The book is beautifully written, with fully fleshed characters, even the minor ones such as odd-job man Dogger and Mrs. Mullet, who rules in the kitchen.
 
Flavia de Luce may belong to a different time period, but mostly she belongs to the world of imagination, both restricting and expansive enough to allow many more visits to Buckshaw — as well as the laboratory of criminal concoctions still stewing in their juices, waiting to be unbottled in future books.
 

» Add other authors (11 possible)

Author nameRoleType of authorWork?Status
Bradley, Alanprimary authorall editionsconfirmed
Bassett, JeffAuthor photosecondary authorsome editionsconfirmed
Entwistle, JayneNarratorsecondary authorsome editionsconfirmed
Hobbing, DianeDesignersecondary authorsome editionsconfirmed
Montgomery, JoeCover designersecondary authorsome editionsconfirmed
Perini, BenCover artistsecondary authorsome editionsconfirmed
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Epigraph
...She hath no loyal knight and true,
The Lady of Shalott.

But in her web she still delights
To weave the mirrored magic sights
For often through the silent nights
A funeral, with plumes and lights,
And music, went to Camelot;
Or, when the moon was overhead,
Came two young lovers lately wed.
"I am half-sick of shadows," said
The Lady of Shalott.
- Alfred Tennyson, "The Lady of Shalott"
Dedication
For Shirley
First words
Tendrils of raw fog floated up from the ice like agonized spirits departing their bodies.
Quotations
Feely and Daffy didn't believe in Father Christmas, which, I suppose, is precisely the reason he always brought them such dud gifts: scented soap, generally, and dressing gowns and slipper sets that looked and felt as if they had been cut from Turkey carpet.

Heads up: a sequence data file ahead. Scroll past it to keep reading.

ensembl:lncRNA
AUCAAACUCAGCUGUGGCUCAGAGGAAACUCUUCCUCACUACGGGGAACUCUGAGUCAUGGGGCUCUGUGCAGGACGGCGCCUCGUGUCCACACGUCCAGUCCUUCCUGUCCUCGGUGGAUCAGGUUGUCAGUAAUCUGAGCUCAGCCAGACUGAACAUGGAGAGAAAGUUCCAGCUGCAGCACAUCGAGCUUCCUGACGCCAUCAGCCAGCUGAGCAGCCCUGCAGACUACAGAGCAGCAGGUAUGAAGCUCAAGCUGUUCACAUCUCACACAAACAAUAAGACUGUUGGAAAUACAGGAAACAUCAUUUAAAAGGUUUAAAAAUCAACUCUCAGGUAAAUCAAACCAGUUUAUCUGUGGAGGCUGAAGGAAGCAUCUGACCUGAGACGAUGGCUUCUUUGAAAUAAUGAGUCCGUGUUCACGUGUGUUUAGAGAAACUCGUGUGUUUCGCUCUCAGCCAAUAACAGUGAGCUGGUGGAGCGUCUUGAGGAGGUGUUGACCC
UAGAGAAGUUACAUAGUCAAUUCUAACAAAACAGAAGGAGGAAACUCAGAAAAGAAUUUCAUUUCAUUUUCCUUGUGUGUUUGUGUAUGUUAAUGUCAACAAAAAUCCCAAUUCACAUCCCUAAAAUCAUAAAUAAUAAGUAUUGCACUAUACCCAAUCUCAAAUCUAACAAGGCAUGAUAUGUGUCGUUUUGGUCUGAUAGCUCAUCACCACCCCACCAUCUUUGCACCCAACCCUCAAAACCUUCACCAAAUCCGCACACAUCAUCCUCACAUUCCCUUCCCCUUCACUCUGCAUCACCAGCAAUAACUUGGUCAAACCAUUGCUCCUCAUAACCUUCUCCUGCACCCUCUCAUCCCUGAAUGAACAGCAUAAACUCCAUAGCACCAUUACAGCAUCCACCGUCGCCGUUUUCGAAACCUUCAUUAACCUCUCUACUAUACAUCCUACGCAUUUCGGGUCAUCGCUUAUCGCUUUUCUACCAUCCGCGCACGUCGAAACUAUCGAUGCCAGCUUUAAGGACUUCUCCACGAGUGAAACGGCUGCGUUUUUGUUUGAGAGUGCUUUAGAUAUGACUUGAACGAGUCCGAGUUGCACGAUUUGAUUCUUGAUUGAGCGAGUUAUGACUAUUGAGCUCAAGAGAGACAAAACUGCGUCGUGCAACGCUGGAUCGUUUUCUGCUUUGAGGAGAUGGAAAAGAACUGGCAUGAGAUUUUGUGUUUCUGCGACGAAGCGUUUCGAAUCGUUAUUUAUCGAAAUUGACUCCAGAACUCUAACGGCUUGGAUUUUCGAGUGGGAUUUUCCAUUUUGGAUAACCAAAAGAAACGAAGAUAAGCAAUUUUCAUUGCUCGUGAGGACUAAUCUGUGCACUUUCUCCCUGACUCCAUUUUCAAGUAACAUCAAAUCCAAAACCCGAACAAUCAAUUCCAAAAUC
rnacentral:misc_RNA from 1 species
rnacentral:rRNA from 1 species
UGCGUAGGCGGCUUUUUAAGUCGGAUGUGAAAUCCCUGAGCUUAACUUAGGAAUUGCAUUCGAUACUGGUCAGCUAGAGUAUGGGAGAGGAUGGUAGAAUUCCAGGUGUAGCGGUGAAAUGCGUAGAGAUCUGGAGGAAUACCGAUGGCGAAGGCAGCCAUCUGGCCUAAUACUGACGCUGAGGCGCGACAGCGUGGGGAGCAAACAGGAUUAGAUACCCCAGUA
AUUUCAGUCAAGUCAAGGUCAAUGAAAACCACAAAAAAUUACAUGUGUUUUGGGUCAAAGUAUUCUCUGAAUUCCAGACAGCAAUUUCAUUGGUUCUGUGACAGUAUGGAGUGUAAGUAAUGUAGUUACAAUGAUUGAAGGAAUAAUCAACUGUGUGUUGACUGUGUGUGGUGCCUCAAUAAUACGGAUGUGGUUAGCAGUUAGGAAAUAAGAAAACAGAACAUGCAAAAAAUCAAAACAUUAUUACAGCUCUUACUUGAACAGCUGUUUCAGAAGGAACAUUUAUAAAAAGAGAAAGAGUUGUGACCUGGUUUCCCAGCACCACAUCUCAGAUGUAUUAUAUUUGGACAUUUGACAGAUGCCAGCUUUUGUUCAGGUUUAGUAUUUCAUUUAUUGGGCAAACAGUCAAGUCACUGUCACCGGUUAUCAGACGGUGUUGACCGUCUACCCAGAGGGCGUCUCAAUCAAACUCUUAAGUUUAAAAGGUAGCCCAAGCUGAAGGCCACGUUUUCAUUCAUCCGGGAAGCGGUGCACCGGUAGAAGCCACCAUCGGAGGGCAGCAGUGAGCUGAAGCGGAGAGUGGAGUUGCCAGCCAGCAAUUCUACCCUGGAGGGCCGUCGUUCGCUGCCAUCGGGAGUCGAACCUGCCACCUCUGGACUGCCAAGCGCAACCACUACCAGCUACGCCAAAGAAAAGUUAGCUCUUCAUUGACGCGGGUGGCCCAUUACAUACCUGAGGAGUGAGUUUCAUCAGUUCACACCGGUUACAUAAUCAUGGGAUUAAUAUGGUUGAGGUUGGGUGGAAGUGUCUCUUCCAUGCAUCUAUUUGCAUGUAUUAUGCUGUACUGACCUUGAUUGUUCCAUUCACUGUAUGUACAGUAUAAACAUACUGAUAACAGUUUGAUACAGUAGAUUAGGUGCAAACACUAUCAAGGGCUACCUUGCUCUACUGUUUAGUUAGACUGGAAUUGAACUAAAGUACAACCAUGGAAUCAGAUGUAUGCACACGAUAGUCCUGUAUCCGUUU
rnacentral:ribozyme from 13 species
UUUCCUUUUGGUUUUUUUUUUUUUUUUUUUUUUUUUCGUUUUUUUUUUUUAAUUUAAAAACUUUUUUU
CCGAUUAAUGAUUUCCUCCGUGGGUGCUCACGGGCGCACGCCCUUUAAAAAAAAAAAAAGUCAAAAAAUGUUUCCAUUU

Father Christmas, they had told me, again and again, was for children.

'He's no more than a cruel hoax perpetrated by parents who wish to shower gifts upon their icky offspring without having to actually touch them,' Daffy had insisted last year. 'He's a myth. Take my word for it. I am, after all, older than you, and I know about these things.'

Did I believe her? I wasn't sure. When I was able to get away on my own and think about it without tears springing to my eyes, I had applied my rather considerable deductive skills to the problem, and come to the conclusion that my sisters were lying. Someone, after all, had brought the glassware, hadn't they?
...To Father we were, Daffy had once said, a three-headed Hydra, each one of our faces a misty mirror of his past.

Daffy's a romantic, but I knew what she meant: We were fleeting images of Harriet.

Perhaps that was why Father spent his days and nights among his postage stamps: surrounded by thousands of companionable, comforting, unquestioning countenances, not one of which, like those of his daughters, mocked him from morning to night. (chapter 3)
Last words
(Click to show. Warning: May contain spoilers.)
Disambiguation notice
"The title of the fourth Flavia de Luce Mystery has been announced by Random House. It is … “I Am Half-Sick of Shadows”... This title supercedes the previously-announced “Death In Camera”.
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Book description
Eleven-year-old detective Flavia de Luce's family allows a film crew to shoot a movie on their estate. When the lead actress turns up dead, Flavia sorts through clues, trying to solve the murder.
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"Colonel de Luce, in desperate need of funds, rents his beloved estate of Buckshaw over to a film company. They will be shooting a movie over the Christmas holidays, filming scenes in the stately manse with a famous and reclusive star. She is widely despised, so it is to no one's surprise when she turns up murdered, strangled by a length of film from her own movies! With the snow raging outside and Buckshaw locked in, the house is full of suspects. But Flavia de Luce is more than ready to solve the wintry country-house murder. She'll have to be quick-witted, though, to negotiate the volatile chemicals of a cast and crew starting to crack--and locked in a house with a murderer!"--… (more)

(summary from another edition)